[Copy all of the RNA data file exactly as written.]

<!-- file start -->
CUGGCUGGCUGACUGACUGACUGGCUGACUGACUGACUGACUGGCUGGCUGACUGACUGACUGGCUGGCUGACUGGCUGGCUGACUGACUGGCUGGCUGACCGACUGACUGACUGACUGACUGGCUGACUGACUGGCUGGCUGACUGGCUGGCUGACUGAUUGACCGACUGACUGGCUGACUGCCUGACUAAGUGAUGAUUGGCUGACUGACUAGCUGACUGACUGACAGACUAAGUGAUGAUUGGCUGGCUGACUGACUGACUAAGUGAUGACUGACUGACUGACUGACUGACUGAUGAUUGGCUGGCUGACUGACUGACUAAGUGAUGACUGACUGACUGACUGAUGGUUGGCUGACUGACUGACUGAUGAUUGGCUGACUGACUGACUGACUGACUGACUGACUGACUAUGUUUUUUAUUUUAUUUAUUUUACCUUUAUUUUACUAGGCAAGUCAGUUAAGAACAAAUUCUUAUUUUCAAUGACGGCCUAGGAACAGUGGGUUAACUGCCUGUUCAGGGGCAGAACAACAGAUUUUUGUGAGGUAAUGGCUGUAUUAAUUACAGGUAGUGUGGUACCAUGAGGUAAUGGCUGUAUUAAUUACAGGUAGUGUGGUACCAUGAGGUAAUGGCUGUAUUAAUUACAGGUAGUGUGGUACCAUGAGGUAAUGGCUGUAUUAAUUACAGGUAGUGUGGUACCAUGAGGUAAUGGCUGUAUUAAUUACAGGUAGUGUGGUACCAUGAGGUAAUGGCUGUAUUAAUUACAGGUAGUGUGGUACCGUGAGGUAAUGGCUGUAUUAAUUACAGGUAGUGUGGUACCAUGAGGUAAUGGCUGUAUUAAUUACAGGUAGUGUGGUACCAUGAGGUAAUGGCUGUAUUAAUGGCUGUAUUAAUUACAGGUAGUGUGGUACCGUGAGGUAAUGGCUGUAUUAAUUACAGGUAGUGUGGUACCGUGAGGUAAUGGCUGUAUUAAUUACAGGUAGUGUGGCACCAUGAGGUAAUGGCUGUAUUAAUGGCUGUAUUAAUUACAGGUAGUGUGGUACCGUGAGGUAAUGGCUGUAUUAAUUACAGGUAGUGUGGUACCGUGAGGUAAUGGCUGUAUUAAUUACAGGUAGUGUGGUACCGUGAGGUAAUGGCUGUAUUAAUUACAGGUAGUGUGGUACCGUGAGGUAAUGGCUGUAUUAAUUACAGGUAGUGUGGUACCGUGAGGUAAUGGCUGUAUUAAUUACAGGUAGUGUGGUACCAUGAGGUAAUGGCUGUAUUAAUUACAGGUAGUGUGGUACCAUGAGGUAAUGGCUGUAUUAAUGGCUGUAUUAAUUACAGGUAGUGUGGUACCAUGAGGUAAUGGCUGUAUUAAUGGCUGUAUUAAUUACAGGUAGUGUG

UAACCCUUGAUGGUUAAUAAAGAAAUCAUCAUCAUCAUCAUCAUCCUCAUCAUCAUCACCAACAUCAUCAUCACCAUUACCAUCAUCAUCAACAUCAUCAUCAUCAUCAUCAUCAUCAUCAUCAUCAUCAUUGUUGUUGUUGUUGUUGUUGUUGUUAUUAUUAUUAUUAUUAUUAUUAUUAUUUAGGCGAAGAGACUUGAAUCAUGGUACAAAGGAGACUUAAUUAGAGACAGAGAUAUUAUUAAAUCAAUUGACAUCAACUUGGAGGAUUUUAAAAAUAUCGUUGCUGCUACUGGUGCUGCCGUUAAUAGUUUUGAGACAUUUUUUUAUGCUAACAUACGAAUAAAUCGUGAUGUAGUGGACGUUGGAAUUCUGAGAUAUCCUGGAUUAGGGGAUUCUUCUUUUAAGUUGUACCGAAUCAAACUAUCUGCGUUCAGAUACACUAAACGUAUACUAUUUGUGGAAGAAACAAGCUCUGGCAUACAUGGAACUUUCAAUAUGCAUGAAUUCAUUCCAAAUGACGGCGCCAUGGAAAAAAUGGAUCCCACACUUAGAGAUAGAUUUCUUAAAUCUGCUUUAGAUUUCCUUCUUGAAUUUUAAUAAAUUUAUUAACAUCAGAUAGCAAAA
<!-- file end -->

CUGGCUGGCUGACUGACUGACUGGCUGACUGACUGACUGACUGGCUGGCUGACUGACUGACUGGCUGGCUGACUGGCUGGCUGACUGACUGGCUGGCUGACCGACUGACUGACUGACUGACUGGCUGACUGACUGGCUGGCUGACUGGCUGGCUGACUGAUUGACCGACUGACUGGCUGACUGCCUGACUAAGUGAUGAUUGGCUGACUGACUAGCUGACUGACUGACAGACUAAGUGAUGAUUGGCUGGCUGACUGACUGACUAAGUGAUGACUGACUGACUGACUGACUGACUGAUGAUUGGCUGGCUGACUGACUGACUAAGUGAUGACUGACUGACUGACUGAUGGUUGGCUGACUGACUGACUGAUGAUUGGCUGACUGACUGACUGACUGACUGACUGACUGACUAUGUUUUUUAUUUUAUUUAUUUUACCUUUAUUUUACUAGGCAAGUCAGUUAAGAACAAAUUCUUAUUUUCAAUGACGGCCUAGGAACAGUGGGUUAACUGCCUGUUCAGGGGCAGAACAACAGAUUUUUGUGAGGUAAUGGCUGUAUUAAUUACAGGUAGUGUGGUACCAUGAGGUAAUGGCUGUAUUAAUUACAGGUAGUGUGGUACCAUGAGGUAAUGGCUGUAUUAAUUACAGGUAGUGUGGUACCAUGAGGUAAUGGCUGUAUUAAUUACAGGUAGUGUGGUACCAUGAGGUAAUGGCUGUAUUAAUUACAGGUAGUGUGGUACCAUGAGGUAAUGGCUGUAUUAAUUACAGGUAGUGUGGUACCGUGAGGUAAUGGCUGUAUUAAUUACAGGUAGUGUGGUACCAUGAGGUAAUGGCUGUAUUAAUUACAGGUAGUGUGGUACCAUGAGGUAAUGGCUGUAUUAAUGGCUGUAUUAAUUACAGGUAGUGUGGUACCGUGAGGUAAUGGCUGUAUUAAUUACAGGUAGUGUGGUACCGUGAGGUAAUGGCUGUAUUAAUUACAGGUAGUGUGGCACCAUGAGGUAAUGGCUGUAUUAAUGGCUGUAUUAAUUACAGGUAGUGUGGUACCGUGAGGUAAUGGCUGUAUUAAUUACAGGUAGUGUGGUACCGUGAGGUAAUGGCUGUAUUAAUUACAGGUAGUGUGGUACCGUGAGGUAAUGGCUGUAUUAAUUACAGGUAGUGUGGUACCGUGAGGUAAUGGCUGUAUUAAUUACAGGUAGUGUGGUACCGUGAGGUAAUGGCUGUAUUAAUUACAGGUAGUGUGGUACCAUGAGGUAAUGGCUGUAUUAAUUACAGGUAGUGUGGUACCAUGAGGUAAUGGCUGUAUUAAUGGCUGUAUUAAUUACAGGUAGUGUGGUACCAUGAGGUAAUGGCUGUAUUAAUGGCUGUAUUAAUUACAGGUAGUGUG

UAACCCUUGAUGGUUAAUAAAGAAAUCAUCAUCAUCAUCAUCAUCCUCAUCAUCAUCACCAACAUCAUCAUCACCAUUACCAUCAUCAUCAACAUCAUCAUCAUCAUCAUCAUCAUCAUCAUCAUCAUCAUUGUUGUUGUUGUUGUUGUUGUUGUUAUUAUUAUUAUUAUUAUUAUUAUUAUUUAGGCGAAGAGACUUGAAUCAUGGUACAAAGGAGACUUAAUUAGAGACAGAGAUAUUAUUAAAUCAAUUGACAUCAACUUGGAGGAUUUUAAAAAUAUCGUUGCUGCUACUGGUGCUGCCGUUAAUAGUUUUGAGACAUUUUUUUAUGCUAACAUACGAAUAAAUCGUGAUGUAGUGGACGUUGGAAUUCUGAGAUAUCCUGGAUUAGGGGAUUCUUCUUUUAAGUUGUACCGAAUCAAACUAUCUGCGUUCAGAUACACUAAACGUAUACUAUUUGUGGAAGAAACAAGCUCUGGCAUACAUGGAACUUUCAAUAUGCAUGAAUUCAUUCCAAAUGACGGCGCCAUGGAAAAAAUGGAUCCCACACUUAGAGAUAGAUUUCUUAAAUCUGCUUUAGAUUUCCUUCUUGAAUUUUAAUAAAUUUAUUAACAUCAGAUAGCAAAA